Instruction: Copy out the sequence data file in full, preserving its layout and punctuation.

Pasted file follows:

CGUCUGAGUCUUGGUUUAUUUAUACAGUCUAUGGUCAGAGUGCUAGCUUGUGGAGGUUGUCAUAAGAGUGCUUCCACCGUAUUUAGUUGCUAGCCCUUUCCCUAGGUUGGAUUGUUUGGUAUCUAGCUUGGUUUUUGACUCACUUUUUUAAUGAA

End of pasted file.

CGUCUGAGUCUUGGUUUAUUUAUACAGUCUAUGGUCAGAGUGCUAGCUUGUGGAGGUUGUCAUAAGAGUGCUUCCACCGUAUUUAGUUGCUAGCCCUUUCCCUAGGUUGGAUUGUUUGGUAUCUAGCUUGGUUUUUGACUCACUUUUUUAAUGAA